How 3D works
How We See
The fact that our left eye and right eye see objects from different angles is the basis of 3D photography. If you try looking at an object through one eye and then the other, you will notice that it slightly changes position. However, with both eyes open, the two images that each eye observes separately are fused together as one in our brain. It is the fusion of these two images that creates normal binocular (3D) sight and allows our brain to understand depth and distance.
To capture images in 3D two camera lenses are used in place of our eyes, set about 2 ½ inches apart, which is the same distance between your eyes (called the interocular or interaxial distance). The two lenses each capture onto separate pieces of film. To review the image in 3D a stereoscopic viewer is needed. This is made of 2 eye pieces, each one feeds only one of the images to each eye, (the right image to the right eye and the left image to the left eye) tricking your brain into fusing the images into a single 3D image (as it would with normal vision).
To project a 3D film, two individual images representing the perspective of the left and right eye are simultaneously projected on screen. Without special glasses during the presentation, it will seem like you are seeing double, because in actual fact you are seeing two separate images. Fortunately the 3D glasses correct this problem. Each lens of the 3D glasses has a special filter (either red and cyan as in the old style glasses or the more modern polarized lenses) which blocks out the opposing image, allowing each eye only to see one image. Your brain perceives the fusion of the two separate images as one three-dimensional image.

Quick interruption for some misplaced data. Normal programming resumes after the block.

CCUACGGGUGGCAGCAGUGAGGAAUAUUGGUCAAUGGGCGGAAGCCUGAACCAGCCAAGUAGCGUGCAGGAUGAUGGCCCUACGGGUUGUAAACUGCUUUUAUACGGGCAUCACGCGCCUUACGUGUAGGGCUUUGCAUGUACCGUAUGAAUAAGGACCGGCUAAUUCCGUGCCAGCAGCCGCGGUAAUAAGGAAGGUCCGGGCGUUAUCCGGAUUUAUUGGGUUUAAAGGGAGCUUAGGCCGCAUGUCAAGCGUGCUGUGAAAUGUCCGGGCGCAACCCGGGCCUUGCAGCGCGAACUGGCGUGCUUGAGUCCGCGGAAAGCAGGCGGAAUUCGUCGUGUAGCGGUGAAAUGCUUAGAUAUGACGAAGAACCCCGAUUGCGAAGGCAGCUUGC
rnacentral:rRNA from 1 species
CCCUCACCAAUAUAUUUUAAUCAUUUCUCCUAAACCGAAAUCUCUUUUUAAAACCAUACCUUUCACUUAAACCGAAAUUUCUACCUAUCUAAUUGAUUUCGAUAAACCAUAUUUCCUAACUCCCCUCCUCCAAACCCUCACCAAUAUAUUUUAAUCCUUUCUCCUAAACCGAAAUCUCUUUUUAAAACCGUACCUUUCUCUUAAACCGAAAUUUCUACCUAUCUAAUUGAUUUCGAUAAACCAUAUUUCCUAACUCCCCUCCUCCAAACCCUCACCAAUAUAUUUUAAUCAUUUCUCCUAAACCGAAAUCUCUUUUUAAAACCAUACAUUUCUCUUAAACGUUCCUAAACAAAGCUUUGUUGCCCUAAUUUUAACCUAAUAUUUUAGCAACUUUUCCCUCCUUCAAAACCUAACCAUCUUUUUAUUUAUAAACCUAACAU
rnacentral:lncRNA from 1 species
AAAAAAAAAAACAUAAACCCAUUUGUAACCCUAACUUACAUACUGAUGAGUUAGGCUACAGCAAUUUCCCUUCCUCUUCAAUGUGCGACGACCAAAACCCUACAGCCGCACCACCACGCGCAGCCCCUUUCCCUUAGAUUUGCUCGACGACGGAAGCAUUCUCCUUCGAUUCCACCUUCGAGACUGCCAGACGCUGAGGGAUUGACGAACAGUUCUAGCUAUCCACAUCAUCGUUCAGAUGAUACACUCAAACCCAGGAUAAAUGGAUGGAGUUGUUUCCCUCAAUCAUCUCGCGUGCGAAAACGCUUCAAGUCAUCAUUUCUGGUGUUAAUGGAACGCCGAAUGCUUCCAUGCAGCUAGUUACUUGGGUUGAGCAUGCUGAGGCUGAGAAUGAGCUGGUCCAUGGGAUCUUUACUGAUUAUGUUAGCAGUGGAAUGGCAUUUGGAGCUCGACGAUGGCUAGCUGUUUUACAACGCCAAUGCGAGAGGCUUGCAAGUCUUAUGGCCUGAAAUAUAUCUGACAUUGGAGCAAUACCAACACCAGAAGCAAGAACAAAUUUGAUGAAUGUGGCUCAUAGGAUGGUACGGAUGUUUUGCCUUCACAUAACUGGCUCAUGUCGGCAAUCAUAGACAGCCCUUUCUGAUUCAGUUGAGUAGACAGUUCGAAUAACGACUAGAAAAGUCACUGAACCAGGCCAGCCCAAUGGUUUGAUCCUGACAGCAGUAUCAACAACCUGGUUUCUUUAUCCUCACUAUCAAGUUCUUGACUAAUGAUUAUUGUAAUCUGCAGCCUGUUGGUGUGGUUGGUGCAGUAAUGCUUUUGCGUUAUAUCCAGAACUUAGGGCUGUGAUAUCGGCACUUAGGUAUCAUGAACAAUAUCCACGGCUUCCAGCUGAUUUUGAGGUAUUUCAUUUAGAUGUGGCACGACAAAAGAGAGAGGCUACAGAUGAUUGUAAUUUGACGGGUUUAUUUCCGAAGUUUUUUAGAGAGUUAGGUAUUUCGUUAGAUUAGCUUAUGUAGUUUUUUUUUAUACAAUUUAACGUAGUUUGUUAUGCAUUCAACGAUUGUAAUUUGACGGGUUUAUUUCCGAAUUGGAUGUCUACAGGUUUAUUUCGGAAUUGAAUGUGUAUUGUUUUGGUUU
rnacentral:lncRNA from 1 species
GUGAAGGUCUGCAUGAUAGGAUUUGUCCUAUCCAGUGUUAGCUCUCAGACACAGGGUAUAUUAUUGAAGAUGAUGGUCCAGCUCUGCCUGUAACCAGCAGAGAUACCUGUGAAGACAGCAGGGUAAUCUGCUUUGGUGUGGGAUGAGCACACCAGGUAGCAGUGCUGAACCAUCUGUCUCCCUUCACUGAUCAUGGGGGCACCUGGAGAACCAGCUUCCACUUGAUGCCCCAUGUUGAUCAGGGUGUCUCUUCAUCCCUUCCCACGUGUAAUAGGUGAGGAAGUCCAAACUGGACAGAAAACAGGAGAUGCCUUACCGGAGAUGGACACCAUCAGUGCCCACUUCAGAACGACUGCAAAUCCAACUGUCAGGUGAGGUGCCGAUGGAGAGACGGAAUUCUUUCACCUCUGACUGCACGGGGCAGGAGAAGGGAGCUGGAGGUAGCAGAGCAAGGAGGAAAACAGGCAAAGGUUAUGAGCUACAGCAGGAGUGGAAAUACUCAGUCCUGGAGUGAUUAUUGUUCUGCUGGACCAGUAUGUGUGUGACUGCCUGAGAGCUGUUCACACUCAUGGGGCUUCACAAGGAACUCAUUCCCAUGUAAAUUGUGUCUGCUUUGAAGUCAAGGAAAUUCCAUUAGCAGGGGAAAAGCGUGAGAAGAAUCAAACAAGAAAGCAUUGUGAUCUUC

The IMAX 3D Experience
In IMAX to recreate the 3D effect on screen we project two separate films through the same projector, one for the right eye and one for the left, at the same time. The film is projected through a set of passive linear polarized lenses, which match the lenses in the special glasses that the customers wear. The polarized lenses separate out the images making sure that your right eye only sees the right film and the left eye sees the left film. When this information is passed from your eyes to your brain it fuses them together to create the world's best 3D experience.
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